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Picture: PEXELS.COM/ANNA SHVETS
Picture: PEXELS.COM/ANNA SHVETS

Africa’s female entrepreneurs, such as their US and European counterparts, are underrepresented when it comes to raising funds.

Their start-up journeys are also often a lot more arduous, say investors such as Polo Leteka, co-founder of Alitheia IDF, the continent’s largest gender-led fund.

The issues are “probably more pronounced here because we have more underlying problems”, said Leteka, pointing to her own experience with tapping investors for funds.

“There was this mentality that African women are just supposed to sell tomatoes on the side of the road.”

While surmounting such stereotypes is getting easier, huge barriers remain. For every $1 (R15.21) invested in women, $25 goes to men in the African start-up space, according to the World Bank.

Companies founded or cofounded by African women — many with international alliances, networks and operations — drew 16% of the total $5.2bn raised on the continent by start-ups, according to data from Partech. That compares with 14.7% of the pie in the US and 13.6% in Europe, Pitchbook data show.

The numbers, however, don’t capture the challenges of purely home-grown companies started by African women and the cultural barriers they face, entrepreneurs and fund managers say.

One research showed that when start-ups make pitches, men get asked to speak about the opportunity of their business while women are asked about the risks and their plans to have children.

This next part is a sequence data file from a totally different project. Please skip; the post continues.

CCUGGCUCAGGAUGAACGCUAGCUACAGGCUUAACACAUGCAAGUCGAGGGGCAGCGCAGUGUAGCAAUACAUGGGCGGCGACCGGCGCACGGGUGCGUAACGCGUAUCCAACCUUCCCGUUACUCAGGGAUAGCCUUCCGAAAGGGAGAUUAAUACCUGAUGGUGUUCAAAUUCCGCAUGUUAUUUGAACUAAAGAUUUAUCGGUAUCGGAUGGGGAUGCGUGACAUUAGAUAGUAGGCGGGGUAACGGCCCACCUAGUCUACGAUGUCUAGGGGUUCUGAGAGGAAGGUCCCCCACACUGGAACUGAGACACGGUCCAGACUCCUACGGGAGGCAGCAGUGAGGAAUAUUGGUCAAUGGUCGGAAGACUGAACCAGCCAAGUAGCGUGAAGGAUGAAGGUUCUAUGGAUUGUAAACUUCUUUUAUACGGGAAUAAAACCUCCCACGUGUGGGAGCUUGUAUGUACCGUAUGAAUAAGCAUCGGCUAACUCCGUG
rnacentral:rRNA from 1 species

The men usually get the funding. Take Jihan Abass, the founder and CEO of Lami Insurance Technology, a digital platform for financial services in Kenya and parts of Sub-Saharan Africa. Abass grew up in Mombasa and worked as a commodities trader in London for Toyota before starting her firm.

“I had to show a lot more compared to what I heard my male counterparts were expected to show,” she said in an interview. “During the fundraising process, you see other people who have less revenue, fewer partners or whatever metric it is, but they raise more money at a higher valuation; of course it is offensive.”

Lami, which announced a year ago that it had raised $1.8m, is doing a new round of funding — relying primarily on women investors.

“The lead investor who found us and invested in us last year was a woman and the person working with her on the deal was also a woman,” Abass said.

“The same thing this time. The more women you have, the more likelihood of them finding other women to invest in.”

The push to groom more women entrepreneurs has spawned a new breed of gender-focused funds in Africa. When Leteka started out in 2007, she was the first and only women-owned private equity firm in SA, and was partly able to raise money because of the government’s drive to include more women in the economy.

Since then other such funds have sprouted across Africa.

“I recognised it was really difficult for women to access capital,” said Lisa Thomas, who is raising $35m for a gender-lensed African fund called Samata Capital.

She and other female fund managers have come together to create a pan-African network of more than 70 women to seek out deals and support entrepreneurs.